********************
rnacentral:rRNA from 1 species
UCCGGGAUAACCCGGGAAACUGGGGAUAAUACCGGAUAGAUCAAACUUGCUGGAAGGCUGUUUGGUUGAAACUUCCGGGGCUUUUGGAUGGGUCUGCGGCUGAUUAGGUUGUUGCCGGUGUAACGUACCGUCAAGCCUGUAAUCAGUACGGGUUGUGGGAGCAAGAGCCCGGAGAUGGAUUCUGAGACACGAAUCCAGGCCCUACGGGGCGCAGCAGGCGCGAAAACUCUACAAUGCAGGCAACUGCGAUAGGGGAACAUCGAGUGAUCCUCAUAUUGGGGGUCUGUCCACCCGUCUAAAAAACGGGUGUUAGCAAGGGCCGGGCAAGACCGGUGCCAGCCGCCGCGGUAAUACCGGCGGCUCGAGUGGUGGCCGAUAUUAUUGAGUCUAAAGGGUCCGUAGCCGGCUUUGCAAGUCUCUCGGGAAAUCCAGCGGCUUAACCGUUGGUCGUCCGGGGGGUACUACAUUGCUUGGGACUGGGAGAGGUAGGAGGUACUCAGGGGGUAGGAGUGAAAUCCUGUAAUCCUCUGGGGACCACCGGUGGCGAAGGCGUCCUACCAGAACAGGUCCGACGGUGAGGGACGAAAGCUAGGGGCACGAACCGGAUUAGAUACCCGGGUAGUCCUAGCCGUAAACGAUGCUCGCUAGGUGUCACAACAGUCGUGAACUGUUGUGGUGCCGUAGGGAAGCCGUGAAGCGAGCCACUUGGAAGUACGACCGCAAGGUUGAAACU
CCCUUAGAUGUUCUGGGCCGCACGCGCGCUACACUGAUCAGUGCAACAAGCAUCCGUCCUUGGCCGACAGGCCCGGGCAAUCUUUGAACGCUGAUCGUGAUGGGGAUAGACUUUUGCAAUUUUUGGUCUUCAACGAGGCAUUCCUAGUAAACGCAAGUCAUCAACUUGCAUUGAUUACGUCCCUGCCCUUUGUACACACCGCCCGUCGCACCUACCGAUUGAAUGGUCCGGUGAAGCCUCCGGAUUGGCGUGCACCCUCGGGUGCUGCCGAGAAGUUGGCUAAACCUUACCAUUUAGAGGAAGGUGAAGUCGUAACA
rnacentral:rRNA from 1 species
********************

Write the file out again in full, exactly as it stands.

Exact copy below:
rnacentral:rRNA from 1 species
UCCGGGAUAACCCGGGAAACUGGGGAUAAUACCGGAUAGAUCAAACUUGCUGGAAGGCUGUUUGGUUGAAACUUCCGGGGCUUUUGGAUGGGUCUGCGGCUGAUUAGGUUGUUGCCGGUGUAACGUACCGUCAAGCCUGUAAUCAGUACGGGUUGUGGGAGCAAGAGCCCGGAGAUGGAUUCUGAGACACGAAUCCAGGCCCUACGGGGCGCAGCAGGCGCGAAAACUCUACAAUGCAGGCAACUGCGAUAGGGGAACAUCGAGUGAUCCUCAUAUUGGGGGUCUGUCCACCCGUCUAAAAAACGGGUGUUAGCAAGGGCCGGGCAAGACCGGUGCCAGCCGCCGCGGUAAUACCGGCGGCUCGAGUGGUGGCCGAUAUUAUUGAGUCUAAAGGGUCCGUAGCCGGCUUUGCAAGUCUCUCGGGAAAUCCAGCGGCUUAACCGUUGGUCGUCCGGGGGGUACUACAUUGCUUGGGACUGGGAGAGGUAGGAGGUACUCAGGGGGUAGGAGUGAAAUCCUGUAAUCCUCUGGGGACCACCGGUGGCGAAGGCGUCCUACCAGAACAGGUCCGACGGUGAGGGACGAAAGCUAGGGGCACGAACCGGAUUAGAUACCCGGGUAGUCCUAGCCGUAAACGAUGCUCGCUAGGUGUCACAACAGUCGUGAACUGUUGUGGUGCCGUAGGGAAGCCGUGAAGCGAGCCACUUGGAAGUACGACCGCAAGGUUGAAACU
CCCUUAGAUGUUCUGGGCCGCACGCGCGCUACACUGAUCAGUGCAACAAGCAUCCGUCCUUGGCCGACAGGCCCGGGCAAUCUUUGAACGCUGAUCGUGAUGGGGAUAGACUUUUGCAAUUUUUGGUCUUCAACGAGGCAUUCCUAGUAAACGCAAGUCAUCAACUUGCAUUGAUUACGUCCCUGCCCUUUGUACACACCGCCCGUCGCACCUACCGAUUGAAUGGUCCGGUGAAGCCUCCGGAUUGGCGUGCACCCUCGGGUGCUGCCGAGAAGUUGGCUAAACCUUACCAUUUAGAGGAAGGUGAAGUCGUAACA
rnacentral:rRNA from 1 species